Carotid stenting noninferior to surgery for asymptomatic patients
medwireNews: The findings of the ACT 1 trial suggest that carotid artery stenting (CAS) is just as effective as carotid endarterectomy (CEA) in patients with asymptomatic stenosis.
ACT (Asymptomatic Carotid Trial) 1 included patients who were younger than 80 years, had 70% to 99% carotid stenosis and were at standard risk of operative complications.
All patients were asymptomatic; in this ACT 1 was designed to complement CREST (Carotid Revascularization Endarterectomy vs Stenting Trial), which included both symptomatic and asymptomatic patients.
In all, 3.4% of 364 patients randomly assigned to undergo CEA had a stroke or myocardial infarction or died within 30 days of intervention, or had an ipsilateral stroke during the first year. This endpoint also occurred in 3.8% of the 1089 patients in the CAS group, and the upper confidence of the 95% confidence interval for the difference between the two groups was 2.27 percentage points, which was within the prespecified 3.0 percentage point noninferiority margin.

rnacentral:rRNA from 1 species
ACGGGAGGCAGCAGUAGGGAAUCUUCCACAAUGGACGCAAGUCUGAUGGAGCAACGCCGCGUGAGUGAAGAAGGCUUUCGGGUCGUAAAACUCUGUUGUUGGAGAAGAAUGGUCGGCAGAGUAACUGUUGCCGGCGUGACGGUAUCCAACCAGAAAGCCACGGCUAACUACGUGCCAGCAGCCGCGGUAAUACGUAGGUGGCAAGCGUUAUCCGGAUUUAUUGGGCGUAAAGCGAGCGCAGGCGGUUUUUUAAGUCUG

After long-term follow-up, the estimated 5-year survival rates were 87.1% and 89.4% for the CAS and CEA groups, respectively, Lawrence Wechsler (University of Pittsburgh Medical Center, Philadelphia, USA) reported at the International Stroke Conference in Los Angeles, California, USA.
The corresponding rates of freedom from ipsilateral stroke were 97.8% and 97.3%.
The findings are simultaneously released in The New England Journal of Medicine, where the researchers write: “It is widely recognized that the skill and experience of the physician is important in achieving acceptable outcomes both with endarterectomy and with stenting, particularly in asymptomatic patients, for whom the absolute risk reduction associated with the intervention is small.”
In this vein, they note that ACT 1 “was designed and began enrollment a decade ago”, and so lacks a control group given current best standard medical therapy. The annual stroke risk among asymptomatic patients in the current medical era “is probably less than 1% per year”, they add.
The CREST 2 investigators are hoping to settle this question with two parallel studies testing CAS or CEA versus best medical management in asymptomatic patients; the trial has an estimated completion date at the end of 2020, although ACT 1 was halted at 88% recruitment because of slow enrolment.
But even for symptomatic patients it has been argued that optimal medical therapy might now compare favourably to surgical intervention or stenting.
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